Tuesday, 16 August 2016

Sharing Your Findings with a General Audience | AJE | American Journal Experts

 Source: http://www.aje.com/en/arc/sharing-your-findings-general-audience/

Sharing Your Findings with a General Audience

  • Effectively sharing your research with a general audience can positively affect funding for your work
  • Engaging the general public can further the impact of your research
and guidelines for conveying your research to a general audience are
increasingly widespread, yet scientists remain wary of doing so. Grant
application approval and high-impact journal publication are often
prioritized as the ultimate goals of research and writing in the
sciences, especially because these time-consuming objectives are
essential for research to even continue. More specifically, both of
these types of writing are typically needed to ensure funding and
hiring, particularly in academia.

Spending one’s limited time on
publicizing already published results to the public (such as via
newspaper or magazine articles or press releases) may thus seem
self-important at worst, charitable at best, and tangential in any case.
Additionally, researchers may be fearful that their findings will be
misunderstood, whether underappreciated or dramatized, by the lay

Meanwhile, general audiences have their own concerns about
reading about science. Given the magnitude of research output and
scientists’ frequent use of impenetrable jargon, intimidating
abstractions, unpersuasive hedge terms,
and exhaustive details, non-scientists tend to seek curated findings
conveyed in an accessible way. This selected research is preferably
relevant, interesting, and credible, highlighting notable benefits or
risks, solutions to common issues, challenges to established ideas, or
everyday applications.

Researchers may be able to empathize.
“Information overload” is a recurring topic of discussion these days
because of mounting research productivity worldwide, thanks to new
high-throughput and data-gathering techniques, growing scientific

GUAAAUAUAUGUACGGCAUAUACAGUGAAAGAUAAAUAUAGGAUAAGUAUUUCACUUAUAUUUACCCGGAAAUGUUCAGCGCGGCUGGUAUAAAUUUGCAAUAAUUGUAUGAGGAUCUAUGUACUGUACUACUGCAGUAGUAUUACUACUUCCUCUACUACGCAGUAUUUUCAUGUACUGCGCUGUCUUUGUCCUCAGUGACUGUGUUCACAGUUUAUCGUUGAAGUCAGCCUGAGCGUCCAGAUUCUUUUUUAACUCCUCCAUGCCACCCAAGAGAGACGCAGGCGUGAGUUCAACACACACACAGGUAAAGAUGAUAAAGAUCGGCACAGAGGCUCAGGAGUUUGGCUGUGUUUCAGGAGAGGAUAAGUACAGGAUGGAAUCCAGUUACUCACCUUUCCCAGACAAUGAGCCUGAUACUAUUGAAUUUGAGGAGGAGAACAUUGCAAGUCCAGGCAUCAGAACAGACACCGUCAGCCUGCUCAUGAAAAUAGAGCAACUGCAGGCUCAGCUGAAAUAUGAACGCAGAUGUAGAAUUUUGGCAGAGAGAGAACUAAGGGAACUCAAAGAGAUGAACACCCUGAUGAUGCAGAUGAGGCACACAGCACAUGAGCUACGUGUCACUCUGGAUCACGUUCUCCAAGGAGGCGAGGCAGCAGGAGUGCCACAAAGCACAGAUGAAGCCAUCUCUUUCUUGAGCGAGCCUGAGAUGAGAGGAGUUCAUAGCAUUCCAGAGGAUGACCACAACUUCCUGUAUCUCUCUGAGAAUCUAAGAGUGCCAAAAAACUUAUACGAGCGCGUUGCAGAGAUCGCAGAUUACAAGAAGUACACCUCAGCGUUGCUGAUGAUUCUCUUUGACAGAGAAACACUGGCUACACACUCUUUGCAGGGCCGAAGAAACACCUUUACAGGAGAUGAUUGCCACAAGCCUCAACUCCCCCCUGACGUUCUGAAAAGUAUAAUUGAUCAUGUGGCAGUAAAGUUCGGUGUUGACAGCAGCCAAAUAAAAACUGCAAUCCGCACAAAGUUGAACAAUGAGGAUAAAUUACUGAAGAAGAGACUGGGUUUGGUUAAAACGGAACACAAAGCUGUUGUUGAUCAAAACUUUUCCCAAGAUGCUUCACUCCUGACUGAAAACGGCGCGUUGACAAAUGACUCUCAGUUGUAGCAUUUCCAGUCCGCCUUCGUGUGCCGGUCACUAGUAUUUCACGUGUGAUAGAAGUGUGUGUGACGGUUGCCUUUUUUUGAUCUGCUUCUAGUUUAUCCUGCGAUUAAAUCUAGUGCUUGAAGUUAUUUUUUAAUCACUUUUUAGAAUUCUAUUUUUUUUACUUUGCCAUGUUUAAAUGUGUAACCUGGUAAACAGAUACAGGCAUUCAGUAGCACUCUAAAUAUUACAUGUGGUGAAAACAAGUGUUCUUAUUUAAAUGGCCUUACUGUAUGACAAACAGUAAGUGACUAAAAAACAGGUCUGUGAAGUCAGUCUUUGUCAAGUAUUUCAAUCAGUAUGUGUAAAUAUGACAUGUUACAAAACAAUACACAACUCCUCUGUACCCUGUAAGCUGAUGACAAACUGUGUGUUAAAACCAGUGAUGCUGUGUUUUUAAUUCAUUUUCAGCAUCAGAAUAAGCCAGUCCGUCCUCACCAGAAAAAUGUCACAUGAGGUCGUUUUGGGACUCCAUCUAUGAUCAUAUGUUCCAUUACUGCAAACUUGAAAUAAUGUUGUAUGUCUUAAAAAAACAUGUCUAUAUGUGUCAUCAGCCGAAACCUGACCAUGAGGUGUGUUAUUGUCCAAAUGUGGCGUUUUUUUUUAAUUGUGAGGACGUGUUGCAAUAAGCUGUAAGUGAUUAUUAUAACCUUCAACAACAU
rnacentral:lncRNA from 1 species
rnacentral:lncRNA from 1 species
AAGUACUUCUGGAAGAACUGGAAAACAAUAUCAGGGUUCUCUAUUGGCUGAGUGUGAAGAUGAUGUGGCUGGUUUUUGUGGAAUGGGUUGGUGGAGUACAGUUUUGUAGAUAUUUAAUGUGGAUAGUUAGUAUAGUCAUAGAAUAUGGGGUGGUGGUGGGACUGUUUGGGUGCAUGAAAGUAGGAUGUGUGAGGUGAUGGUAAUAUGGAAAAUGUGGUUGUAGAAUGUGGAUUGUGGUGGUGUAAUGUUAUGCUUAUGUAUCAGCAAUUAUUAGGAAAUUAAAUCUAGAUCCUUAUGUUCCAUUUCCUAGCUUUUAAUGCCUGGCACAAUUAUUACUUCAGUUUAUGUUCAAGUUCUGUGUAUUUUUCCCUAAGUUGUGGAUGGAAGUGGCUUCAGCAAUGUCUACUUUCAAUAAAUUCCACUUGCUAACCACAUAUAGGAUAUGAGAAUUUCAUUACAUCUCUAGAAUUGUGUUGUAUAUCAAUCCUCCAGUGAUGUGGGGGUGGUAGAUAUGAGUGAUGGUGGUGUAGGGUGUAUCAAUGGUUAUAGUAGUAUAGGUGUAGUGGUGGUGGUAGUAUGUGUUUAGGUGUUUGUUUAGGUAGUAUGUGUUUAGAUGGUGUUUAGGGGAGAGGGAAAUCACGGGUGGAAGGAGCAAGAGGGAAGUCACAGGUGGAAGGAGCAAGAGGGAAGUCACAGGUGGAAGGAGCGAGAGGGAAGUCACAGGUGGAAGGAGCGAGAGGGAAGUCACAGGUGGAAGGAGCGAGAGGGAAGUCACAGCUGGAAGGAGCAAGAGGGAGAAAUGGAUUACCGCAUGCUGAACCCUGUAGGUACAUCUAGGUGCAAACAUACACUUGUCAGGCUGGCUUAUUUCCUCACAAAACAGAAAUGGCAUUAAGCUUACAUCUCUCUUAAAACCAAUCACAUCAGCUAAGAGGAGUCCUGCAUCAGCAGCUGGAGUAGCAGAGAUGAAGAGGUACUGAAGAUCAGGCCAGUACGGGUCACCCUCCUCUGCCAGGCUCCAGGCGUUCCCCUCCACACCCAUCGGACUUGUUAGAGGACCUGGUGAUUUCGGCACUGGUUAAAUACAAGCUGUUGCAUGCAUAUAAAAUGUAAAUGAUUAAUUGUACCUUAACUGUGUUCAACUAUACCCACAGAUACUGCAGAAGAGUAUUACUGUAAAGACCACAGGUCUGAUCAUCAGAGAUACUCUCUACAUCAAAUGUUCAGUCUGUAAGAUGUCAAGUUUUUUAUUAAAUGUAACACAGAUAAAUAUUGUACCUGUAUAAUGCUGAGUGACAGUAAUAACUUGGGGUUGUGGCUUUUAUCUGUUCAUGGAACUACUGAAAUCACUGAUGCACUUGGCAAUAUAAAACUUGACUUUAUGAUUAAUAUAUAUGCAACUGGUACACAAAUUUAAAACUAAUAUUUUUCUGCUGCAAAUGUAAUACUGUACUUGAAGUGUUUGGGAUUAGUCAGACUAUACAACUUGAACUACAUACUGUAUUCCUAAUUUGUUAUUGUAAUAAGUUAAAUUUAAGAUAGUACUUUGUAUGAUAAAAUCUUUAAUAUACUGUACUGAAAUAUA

research in developing countries, increased open access to scholarly
journal articles, and a growing focus on publishing “sound science”
(such as in megajournals)
rather than narrowing publication to solely novel and broadly
significant findings. For researchers confronted with the rapidly
expanding literature, determining what is worth reading requires both
access to recently published articles and filtering via post-publication
peer review and other indicators of an article’s credibility and
importance to the field, such as Altmetrics.

Benefits of connecting with an audience

between the general public and scientists, however, extend beyond their
similarities as knowledge seekers desiring guided access to the
overwhelming mass of new knowledge. Researchers’ objectives of funding
and impact, illustrated above, overlap with two potential outcomes of
lay exposure to scientific findings: further funding and further impact.

audiences may be especially interested in learning about research that
their tax money will help or has helped to support, with success
encouraging continued funding. Moreover, what the public reads and
responds to may increasingly be a measure of impact. For example,
altmetrics takes into account news items, blog posts, website mentions,
tweets, Facebook likes, and reviews, among other events, several of
which are more accessible to the non-expert reader than citations are.
In turn, certain funders, including the UK Medical Research Council and
the US National Science Foundation, are starting to recognize the
significance of “research products” other than traditional scientific
papers, often with a particular interest in efforts that engage the

Therefore, a scientist’s major concerns as both a reader
(accessing and sifting through research developments) and a researcher
(the synergy of funding and impact) may be better aligned with the
concerns of the public and more dependent on engagement of the public
than you might expect. In fact, with more and more value placed on
post-publication metrics and public awareness, sharing your research
with non-scientists may not be so tangential after all.

Tags Sharing your research Promoting your research Altmetrics Public access Open access

Sharing Your Findings with a General Audience | AJE | American Journal Experts

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